Show disrespect

You do not see your employees as colleagues working together toward a shared goal, and you are not showing appreciation for their effort. Your words reveal an out of place parent-child dynamic, in which the focus has become your approval rather than the work itself.

Ignore learning

These words have such a sense of finality that they would bring anyone to a crushing halt. You essentially show a lack of faith that the other person can change and grow from the experience

You also make them question their own competence in the job.

Condemn quickly

You think that you are maintaining high standards, but you show that you are a harsh judge of people who are simply trying their best. Disappointment should be a last resort and should be reserved only for people who do not, repeatedly, give their full effort.

Display insecurity

You think you are calling out the other person’s shortcomings, but if you dig deep, you will find you are mainly disappointed in your own effort

Your expectation did not match up with the reality of the situation, and in frustration, you blamed someone else.

Reserve the word “Disappointed” for situations where it is no one’s fault.  “I am disappointed that the Company picnic got rained out” or “I am disappointed that the flight got delayed and we missed the presentation” In these situations, everyone is empathic and agrees.  It puts into words what many people are feeling and can unite a team.

Internal Corporate communication Strategy

sherrie-suski-banner

When we think about the terms branding and communication, we often think about external efforts targeted at consumers of products or services which are normally the purview of marketing agencies or internal marketing teams.  However, internal corporate communications to our employee base is critically important in determining our ability to align our teams around one united purpose or mission and to effectively launch programs in support.

Developing an internal communication strategy necessitates that we consider the following:

Audience –  Who is our audience and what do we want them to hear?  Are we speaking to senior executives, investors or to our employee base?  If to the employee base, t what level should the communication be written?  Speaking to a group of data scientists may be different than speaking to a group of retail employees.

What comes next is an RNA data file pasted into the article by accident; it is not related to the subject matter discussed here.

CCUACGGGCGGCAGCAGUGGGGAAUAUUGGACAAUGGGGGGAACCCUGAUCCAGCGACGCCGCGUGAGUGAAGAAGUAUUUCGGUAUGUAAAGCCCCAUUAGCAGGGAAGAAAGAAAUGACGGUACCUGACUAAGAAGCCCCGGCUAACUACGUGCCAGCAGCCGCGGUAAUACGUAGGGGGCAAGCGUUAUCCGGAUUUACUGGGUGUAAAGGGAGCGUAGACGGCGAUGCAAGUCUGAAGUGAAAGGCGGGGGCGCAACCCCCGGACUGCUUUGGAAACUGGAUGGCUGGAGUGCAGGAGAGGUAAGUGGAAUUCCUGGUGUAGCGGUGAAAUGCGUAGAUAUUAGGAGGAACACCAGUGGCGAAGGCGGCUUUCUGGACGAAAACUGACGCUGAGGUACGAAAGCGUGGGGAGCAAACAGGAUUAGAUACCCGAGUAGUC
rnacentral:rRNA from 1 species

Channel/Format which channel(s) will be most effective when delivering this message?  IS this a message that can be communicated in writing or is the intent likely to be lost?  Should a live feed be followed up with video available to all who may not have been able to attend?  Is the expectation for all people leaders to waterfall the communication down through their teams?

Goals/Objectives this can be further broken down into the following categories:

Decision Making where the goal of the communication is to listen, understand all viewpoints and come to a consensus in order to be able to move forward

Information Sharing where the priority is around getting the information out and disseminated quickly, efficiently and accurately

Status Update meant to connect employees to areas of focus

Team Building crat alignment around short and long term goals and foster personal relationships on your team

Problem Solving often linked to a discussion focused on deliverables and how you as a manager, can remove roadblocks to allow your team to progress

Innovation brainstorming sessions that can focus on how to drive the company forward and gain a competitive edge

Schedule – decide how often and when this type of communication needs to occur.  There is a fine balance between over and under communicating

Responsibility – who should have the responsibility for crafting the communication and who should have the responsibility for delivering the communication.  Inherent in everyone’s responsibility is the need to follow up to ensure that the message you wanted to deliver was indeed received.

Don’t make the mistake of thinking that communication plans and channels will take care of themselves.  A well-orchestrated plan with all of the above components will help to ensure that your company is both aligned and informed!

 

Can People Analytics Strengthen your Internal Communication Strategy?